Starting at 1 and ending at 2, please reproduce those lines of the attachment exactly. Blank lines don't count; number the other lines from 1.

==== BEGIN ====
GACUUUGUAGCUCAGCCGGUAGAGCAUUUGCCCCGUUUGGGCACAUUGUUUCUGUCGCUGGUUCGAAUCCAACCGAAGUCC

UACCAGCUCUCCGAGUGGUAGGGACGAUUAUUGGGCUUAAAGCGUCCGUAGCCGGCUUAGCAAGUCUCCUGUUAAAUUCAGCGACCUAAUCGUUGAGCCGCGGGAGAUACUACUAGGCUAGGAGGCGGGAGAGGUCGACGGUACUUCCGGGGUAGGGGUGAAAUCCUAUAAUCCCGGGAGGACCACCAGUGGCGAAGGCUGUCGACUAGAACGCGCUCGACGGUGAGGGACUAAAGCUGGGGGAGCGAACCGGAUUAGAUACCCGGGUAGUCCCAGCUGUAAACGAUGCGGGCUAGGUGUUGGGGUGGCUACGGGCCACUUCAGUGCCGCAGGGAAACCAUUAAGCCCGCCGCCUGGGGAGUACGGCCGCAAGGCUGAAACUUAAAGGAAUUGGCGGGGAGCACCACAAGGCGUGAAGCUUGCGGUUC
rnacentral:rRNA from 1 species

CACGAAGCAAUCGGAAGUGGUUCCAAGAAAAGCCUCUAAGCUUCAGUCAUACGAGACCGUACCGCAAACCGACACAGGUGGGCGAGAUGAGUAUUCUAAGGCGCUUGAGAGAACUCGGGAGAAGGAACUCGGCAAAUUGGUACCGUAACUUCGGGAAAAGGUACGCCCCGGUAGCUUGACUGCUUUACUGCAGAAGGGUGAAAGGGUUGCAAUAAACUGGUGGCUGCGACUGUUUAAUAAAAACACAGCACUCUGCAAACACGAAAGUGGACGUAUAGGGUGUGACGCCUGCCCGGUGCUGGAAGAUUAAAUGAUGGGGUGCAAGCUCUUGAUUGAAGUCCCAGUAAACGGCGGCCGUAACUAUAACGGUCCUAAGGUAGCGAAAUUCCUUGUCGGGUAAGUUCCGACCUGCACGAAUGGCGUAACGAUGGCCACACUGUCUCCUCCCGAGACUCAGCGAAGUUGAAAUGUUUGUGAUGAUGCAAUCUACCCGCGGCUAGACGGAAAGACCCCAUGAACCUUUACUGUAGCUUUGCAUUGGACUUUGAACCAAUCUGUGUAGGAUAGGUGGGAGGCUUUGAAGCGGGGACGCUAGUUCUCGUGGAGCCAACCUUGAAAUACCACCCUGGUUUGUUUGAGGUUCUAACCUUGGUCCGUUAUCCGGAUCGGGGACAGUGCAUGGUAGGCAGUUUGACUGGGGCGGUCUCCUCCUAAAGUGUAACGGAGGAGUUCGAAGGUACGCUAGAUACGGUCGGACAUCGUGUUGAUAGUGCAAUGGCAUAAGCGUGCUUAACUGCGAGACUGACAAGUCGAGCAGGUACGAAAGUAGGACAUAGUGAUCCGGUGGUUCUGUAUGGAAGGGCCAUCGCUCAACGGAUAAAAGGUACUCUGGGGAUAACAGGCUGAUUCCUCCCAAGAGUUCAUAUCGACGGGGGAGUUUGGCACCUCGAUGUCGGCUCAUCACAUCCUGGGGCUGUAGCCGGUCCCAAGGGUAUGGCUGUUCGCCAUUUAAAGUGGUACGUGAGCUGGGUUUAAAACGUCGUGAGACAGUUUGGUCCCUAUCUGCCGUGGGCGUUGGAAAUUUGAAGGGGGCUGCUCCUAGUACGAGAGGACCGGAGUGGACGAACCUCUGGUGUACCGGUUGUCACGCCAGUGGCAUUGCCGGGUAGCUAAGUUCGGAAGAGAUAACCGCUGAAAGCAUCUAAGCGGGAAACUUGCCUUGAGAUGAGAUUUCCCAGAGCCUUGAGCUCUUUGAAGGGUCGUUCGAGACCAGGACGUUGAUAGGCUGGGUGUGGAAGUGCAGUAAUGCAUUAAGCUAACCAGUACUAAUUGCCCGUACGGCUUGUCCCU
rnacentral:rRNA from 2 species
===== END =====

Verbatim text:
GACUUUGUAGCUCAGCCGGUAGAGCAUUUGCCCCGUUUGGGCACAUUGUUUCUGUCGCUGGUUCGAAUCCAACCGAAGUCC

UACCAGCUCUCCGAGUGGUAGGGACGAUUAUUGGGCUUAAAGCGUCCGUAGCCGGCUUAGCAAGUCUCCUGUUAAAUUCAGCGACCUAAUCGUUGAGCCGCGGGAGAUACUACUAGGCUAGGAGGCGGGAGAGGUCGACGGUACUUCCGGGGUAGGGGUGAAAUCCUAUAAUCCCGGGAGGACCACCAGUGGCGAAGGCUGUCGACUAGAACGCGCUCGACGGUGAGGGACUAAAGCUGGGGGAGCGAACCGGAUUAGAUACCCGGGUAGUCCCAGCUGUAAACGAUGCGGGCUAGGUGUUGGGGUGGCUACGGGCCACUUCAGUGCCGCAGGGAAACCAUUAAGCCCGCCGCCUGGGGAGUACGGCCGCAAGGCUGAAACUUAAAGGAAUUGGCGGGGAGCACCACAAGGCGUGAAGCUUGCGGUUC